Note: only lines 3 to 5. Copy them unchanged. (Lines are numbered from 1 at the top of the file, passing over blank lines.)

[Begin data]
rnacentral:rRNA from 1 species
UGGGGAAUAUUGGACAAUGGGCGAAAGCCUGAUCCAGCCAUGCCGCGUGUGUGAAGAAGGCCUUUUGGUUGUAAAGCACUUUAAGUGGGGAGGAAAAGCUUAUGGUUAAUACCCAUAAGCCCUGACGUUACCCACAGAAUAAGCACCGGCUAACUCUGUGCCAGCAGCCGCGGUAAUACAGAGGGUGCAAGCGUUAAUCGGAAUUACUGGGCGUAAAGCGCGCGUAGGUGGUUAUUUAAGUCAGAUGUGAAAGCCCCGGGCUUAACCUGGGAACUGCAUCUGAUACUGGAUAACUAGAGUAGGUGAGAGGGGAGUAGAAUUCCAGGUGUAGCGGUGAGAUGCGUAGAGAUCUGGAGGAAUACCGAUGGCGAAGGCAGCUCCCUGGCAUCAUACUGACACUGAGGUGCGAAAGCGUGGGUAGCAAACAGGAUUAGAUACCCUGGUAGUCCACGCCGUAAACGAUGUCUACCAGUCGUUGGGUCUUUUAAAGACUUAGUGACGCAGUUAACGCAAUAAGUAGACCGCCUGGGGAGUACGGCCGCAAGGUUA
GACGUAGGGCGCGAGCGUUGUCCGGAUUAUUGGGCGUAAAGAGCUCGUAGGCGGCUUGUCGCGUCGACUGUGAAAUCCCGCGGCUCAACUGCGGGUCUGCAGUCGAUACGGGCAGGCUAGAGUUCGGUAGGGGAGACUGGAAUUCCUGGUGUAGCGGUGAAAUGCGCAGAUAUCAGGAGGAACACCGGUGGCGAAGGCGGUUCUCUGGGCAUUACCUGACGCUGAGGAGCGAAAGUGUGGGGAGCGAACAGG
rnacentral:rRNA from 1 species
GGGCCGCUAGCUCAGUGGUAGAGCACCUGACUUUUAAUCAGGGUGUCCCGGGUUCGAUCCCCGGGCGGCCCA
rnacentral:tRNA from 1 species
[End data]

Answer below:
GACGUAGGGCGCGAGCGUUGUCCGGAUUAUUGGGCGUAAAGAGCUCGUAGGCGGCUUGUCGCGUCGACUGUGAAAUCCCGCGGCUCAACUGCGGGUCUGCAGUCGAUACGGGCAGGCUAGAGUUCGGUAGGGGAGACUGGAAUUCCUGGUGUAGCGGUGAAAUGCGCAGAUAUCAGGAGGAACACCGGUGGCGAAGGCGGUUCUCUGGGCAUUACCUGACGCUGAGGAGCGAAAGUGUGGGGAGCGAACAGG
rnacentral:rRNA from 1 species
GGGCCGCUAGCUCAGUGGUAGAGCACCUGACUUUUAAUCAGGGUGUCCCGGGUUCGAUCCCCGGGCGGCCCA